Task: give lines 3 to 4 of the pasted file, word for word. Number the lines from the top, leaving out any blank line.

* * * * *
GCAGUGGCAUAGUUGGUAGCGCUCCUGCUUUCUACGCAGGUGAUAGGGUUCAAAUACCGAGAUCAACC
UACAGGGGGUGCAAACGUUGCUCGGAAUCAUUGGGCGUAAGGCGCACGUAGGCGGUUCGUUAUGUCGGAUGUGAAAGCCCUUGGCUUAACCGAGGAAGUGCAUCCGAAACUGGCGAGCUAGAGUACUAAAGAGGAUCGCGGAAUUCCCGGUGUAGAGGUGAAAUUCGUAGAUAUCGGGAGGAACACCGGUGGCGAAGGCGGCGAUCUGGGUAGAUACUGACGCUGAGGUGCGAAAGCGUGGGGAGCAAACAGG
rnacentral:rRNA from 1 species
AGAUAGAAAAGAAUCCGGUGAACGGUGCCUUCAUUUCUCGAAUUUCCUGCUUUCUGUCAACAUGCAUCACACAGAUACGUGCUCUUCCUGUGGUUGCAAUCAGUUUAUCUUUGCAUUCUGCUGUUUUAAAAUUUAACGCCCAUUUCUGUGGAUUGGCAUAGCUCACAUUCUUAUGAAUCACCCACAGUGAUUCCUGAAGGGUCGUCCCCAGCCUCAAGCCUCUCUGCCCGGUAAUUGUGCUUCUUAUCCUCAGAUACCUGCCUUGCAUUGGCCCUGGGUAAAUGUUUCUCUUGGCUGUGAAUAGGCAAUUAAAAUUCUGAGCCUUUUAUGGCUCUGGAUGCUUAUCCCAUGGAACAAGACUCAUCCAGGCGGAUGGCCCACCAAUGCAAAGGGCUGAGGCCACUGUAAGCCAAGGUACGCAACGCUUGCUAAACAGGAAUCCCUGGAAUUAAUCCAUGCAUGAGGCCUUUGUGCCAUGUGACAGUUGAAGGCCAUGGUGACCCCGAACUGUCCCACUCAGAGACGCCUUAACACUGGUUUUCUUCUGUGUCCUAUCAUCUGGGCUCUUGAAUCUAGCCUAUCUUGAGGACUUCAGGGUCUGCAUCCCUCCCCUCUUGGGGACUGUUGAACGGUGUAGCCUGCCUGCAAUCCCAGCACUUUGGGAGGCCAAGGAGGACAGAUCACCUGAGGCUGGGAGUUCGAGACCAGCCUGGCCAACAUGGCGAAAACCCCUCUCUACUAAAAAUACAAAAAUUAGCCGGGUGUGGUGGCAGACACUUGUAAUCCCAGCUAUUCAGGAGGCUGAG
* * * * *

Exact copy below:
rnacentral:rRNA from 1 species
AGAUAGAAAAGAAUCCGGUGAACGGUGCCUUCAUUUCUCGAAUUUCCUGCUUUCUGUCAACAUGCAUCACACAGAUACGUGCUCUUCCUGUGGUUGCAAUCAGUUUAUCUUUGCAUUCUGCUGUUUUAAAAUUUAACGCCCAUUUCUGUGGAUUGGCAUAGCUCACAUUCUUAUGAAUCACCCACAGUGAUUCCUGAAGGGUCGUCCCCAGCCUCAAGCCUCUCUGCCCGGUAAUUGUGCUUCUUAUCCUCAGAUACCUGCCUUGCAUUGGCCCUGGGUAAAUGUUUCUCUUGGCUGUGAAUAGGCAAUUAAAAUUCUGAGCCUUUUAUGGCUCUGGAUGCUUAUCCCAUGGAACAAGACUCAUCCAGGCGGAUGGCCCACCAAUGCAAAGGGCUGAGGCCACUGUAAGCCAAGGUACGCAACGCUUGCUAAACAGGAAUCCCUGGAAUUAAUCCAUGCAUGAGGCCUUUGUGCCAUGUGACAGUUGAAGGCCAUGGUGACCCCGAACUGUCCCACUCAGAGACGCCUUAACACUGGUUUUCUUCUGUGUCCUAUCAUCUGGGCUCUUGAAUCUAGCCUAUCUUGAGGACUUCAGGGUCUGCAUCCCUCCCCUCUUGGGGACUGUUGAACGGUGUAGCCUGCCUGCAAUCCCAGCACUUUGGGAGGCCAAGGAGGACAGAUCACCUGAGGCUGGGAGUUCGAGACCAGCCUGGCCAACAUGGCGAAAACCCCUCUCUACUAAAAAUACAAAAAUUAGCCGGGUGUGGUGGCAGACACUUGUAAUCCCAGCUAUUCAGGAGGCUGAG